It is, perhaps, worth noting that Shattuck’s book was highly controversial on a number of matters and sparked a furious rivalry between the towns of Acton and Concord. The Acton Minutemen were the foremost company during the advance on the North Bridge and took the first casualties, but Shattuck curiously states that the Acton company, led by Capt. Isaac Davis, without orders, marched past the Concord company which had been at the head of the column. According to Shattuck, the Acton and Concord companies ended up neck and neck, the two “equally in front.” This notion is ludicrous and Shattuck’s depiction forced noses all out of joint in Acton. A wave of deposition gathering (interviews with surviving Minutemen) was conducted in Acton. Josiah Adams, an Acton native, presented these depositions in a lengthy and aggravated letter to Lemuel Shattuck (which was published in 1850), asserting that Davis had taken the head of the column under orders and did indeed lead the advance. Although a bit absurd in hindsight, this controversy produced much good in that valuable first hand accounts were gathered–sources that are repeatedly cited to this day. Curious how things work.
But I digress. The point being that Shattuck may not be the most reliable source and his is, apparently, the first account that brings Lydia Mulliken into the picture. Later historians would pick up this detail and by the turn of the century Lydia was often inexplicably referred to as Prescott’s fiancee. Did Shattuck get this information from the Mulliken and/or Prescott families? Possibly. There were likely those living at the time who might have had knowledge of such a courtship. But the tenuous nature of this “fact” begs the question…if Prescott was not out courting that night, what was he doing on that Lexington road at 1 a.m.?
The brings us to a second significant myth about Samuel Prescott. More recent historians, pointing to the suspicious nature of Prescott’s travels (and particularly to the fact that Revere apparently trusted him and later called him a “High Son of Liberty”) have theorized that Prescott was and had been acting as a courier for the Sons of Liberty, or at least the Provincial Congress in Concord. Prescott was a physician and the frequent, sometimes late-night travels that his vocation required would be the perfect “cover” for activities as a secret courier. There is not a bit of evidence to support this, aside from Revere’s intriguing remark. I will, however, say that I find it plausible nonetheless. Something must have made Revere and Dawes trust him.
One more myth about Prescott. The town of Acton was alarmed by a rider sometime around 3 a.m. According to Luther Conant (a prominent Acton citizen, teacher and town moderator) who delivered an address in 1875:
…A horseman, whose name will never be known, rode up to the house of Capt. Joseph Robbins…and without dismounting gave several sharp blows on the corner of the house, at the same time shouting, ‘Capt. Robbins, Capt. Robbins! up, up! The Regulars are coming to Concord. Rendezvous at the old North Bridge as quick as possible! Alarm Acton!’— after which he rapidly drove off, it is presumed to notify the more interior towns.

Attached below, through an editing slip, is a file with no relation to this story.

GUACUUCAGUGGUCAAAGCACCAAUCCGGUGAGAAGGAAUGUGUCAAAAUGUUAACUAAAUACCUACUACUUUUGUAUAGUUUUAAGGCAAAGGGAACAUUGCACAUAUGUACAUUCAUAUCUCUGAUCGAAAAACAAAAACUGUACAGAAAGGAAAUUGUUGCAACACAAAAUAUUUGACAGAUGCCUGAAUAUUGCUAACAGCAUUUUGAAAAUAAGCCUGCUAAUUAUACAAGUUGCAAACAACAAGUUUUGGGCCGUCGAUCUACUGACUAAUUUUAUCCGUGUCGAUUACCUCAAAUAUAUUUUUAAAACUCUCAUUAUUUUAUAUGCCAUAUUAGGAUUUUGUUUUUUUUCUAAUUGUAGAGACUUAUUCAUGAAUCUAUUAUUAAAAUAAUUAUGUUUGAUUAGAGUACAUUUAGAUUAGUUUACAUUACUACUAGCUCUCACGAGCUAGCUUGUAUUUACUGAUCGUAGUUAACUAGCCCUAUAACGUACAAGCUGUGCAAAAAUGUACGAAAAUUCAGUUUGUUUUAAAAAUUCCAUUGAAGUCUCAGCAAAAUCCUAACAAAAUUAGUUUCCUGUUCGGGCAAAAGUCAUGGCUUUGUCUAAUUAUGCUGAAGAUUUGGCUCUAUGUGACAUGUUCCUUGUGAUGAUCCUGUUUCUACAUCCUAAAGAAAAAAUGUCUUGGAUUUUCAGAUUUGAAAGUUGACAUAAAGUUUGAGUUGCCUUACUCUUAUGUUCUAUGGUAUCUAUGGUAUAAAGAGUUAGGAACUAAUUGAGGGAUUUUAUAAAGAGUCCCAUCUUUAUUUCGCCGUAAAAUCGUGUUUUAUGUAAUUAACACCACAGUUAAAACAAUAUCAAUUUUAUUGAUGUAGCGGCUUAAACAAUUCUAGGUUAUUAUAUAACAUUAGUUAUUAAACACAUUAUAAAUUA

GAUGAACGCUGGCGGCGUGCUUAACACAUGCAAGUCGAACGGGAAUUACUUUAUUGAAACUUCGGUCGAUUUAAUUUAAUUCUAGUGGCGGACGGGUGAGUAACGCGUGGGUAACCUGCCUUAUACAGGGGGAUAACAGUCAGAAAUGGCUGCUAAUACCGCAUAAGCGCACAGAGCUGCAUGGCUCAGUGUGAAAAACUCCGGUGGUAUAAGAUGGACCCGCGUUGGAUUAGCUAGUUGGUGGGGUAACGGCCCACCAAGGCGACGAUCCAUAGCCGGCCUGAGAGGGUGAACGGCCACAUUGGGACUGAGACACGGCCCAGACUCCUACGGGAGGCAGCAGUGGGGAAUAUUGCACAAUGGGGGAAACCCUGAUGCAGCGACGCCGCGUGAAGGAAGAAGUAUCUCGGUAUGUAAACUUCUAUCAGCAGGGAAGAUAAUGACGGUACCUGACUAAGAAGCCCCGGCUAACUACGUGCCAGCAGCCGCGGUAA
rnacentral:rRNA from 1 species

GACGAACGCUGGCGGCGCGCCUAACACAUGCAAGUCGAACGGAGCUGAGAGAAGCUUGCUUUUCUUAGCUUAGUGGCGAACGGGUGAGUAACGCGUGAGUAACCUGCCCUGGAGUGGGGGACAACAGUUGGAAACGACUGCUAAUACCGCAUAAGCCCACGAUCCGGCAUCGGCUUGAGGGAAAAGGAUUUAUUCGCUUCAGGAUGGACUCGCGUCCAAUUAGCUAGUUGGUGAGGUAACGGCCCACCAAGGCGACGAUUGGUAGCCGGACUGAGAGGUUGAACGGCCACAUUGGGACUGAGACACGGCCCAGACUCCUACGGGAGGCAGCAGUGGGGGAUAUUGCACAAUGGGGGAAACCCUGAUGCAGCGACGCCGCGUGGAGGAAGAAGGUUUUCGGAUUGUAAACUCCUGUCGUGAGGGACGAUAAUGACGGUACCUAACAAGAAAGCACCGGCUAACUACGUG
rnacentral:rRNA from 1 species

According to tradition, Capt. Robbins sent his young son, John Robbins, off to alert Capt. Isaac Davis of the Acton Minutemen. In this and other accounts that repeat this story, it is vaguely suggested that this account was passed down by John Robbins himself. This seems probable. But these accounts stress that the name of the rider was, at least by the late 19th century, lost to history.
Later historians have put two and two together. There is a tradition that, after successfully warning Concord, Samuel Prescott enlisted the help of his brother Abel to spread the word. The fact that Abel brought the alarm to Sudbury and Framingham is fairly well substantiated by period accounts, and particularly by the documented fact that Abel was shot and wounded by British soldiers in Concord while returning from Sudbury. The notion that Samuel Prescott went on to Acton is a bit more hazy but probably true. It should, however, be noted that the identity of the alarm rider who came to Acton was either unknown or simply not passed down to later generations.
That Dr. Samuel Prescott was a crucial figure on April 19, 1775 cannot be denied. Nor can one deny that more myth than fact today surrounds this figure. Was he in fact courting Lydia Mulliken or is this a romantic legend? We’ll probably never know…and in the end it doesn’t much matter. Was he a secret courier for the Sons of Liberty? I tend to believe he was, but there’s no way to prove it. And was he the mystery rider who alarmed Acton? Probably, but the evidence is scant.
Still, I would happily watch “Doctor Prescott” riding down the paved streets of Acton again and am content to suspend some disbelief regarding the “Third Midnight Rider.”
 Edward Everett, “An Oration Delivered at Concord, 1825,” The Republican, [London], no. 17, vol. 12, p. 521
 Rev. Ezra Ripley, History of the Fight at Concord: On the 19th of April, 1775, (1827), p. 13
 Lemuel Shattuck, A History of the Town of Concord, Middlesex County, Massachusetts, (1835), p. 101
 Shattuck, p. 111
 Josiah Adams, Esq., Letter to Lemuel Shattuck, of Boston, from Josiah Adams, of Framingham: In Vindication of the Claims of Capt. Issac Davis, of Acton, to His Just Share in the Honors of the Concord Fight. Also Depositions of Witnesses, Stating the Facts on which the Claims are Founded and Other Interesting Papers, (1850)
 Luther Conant, Remarks on “The Men of Acton,” Proceedings at the Centennial Celebration of the Battle of Lexington, April 19, 1875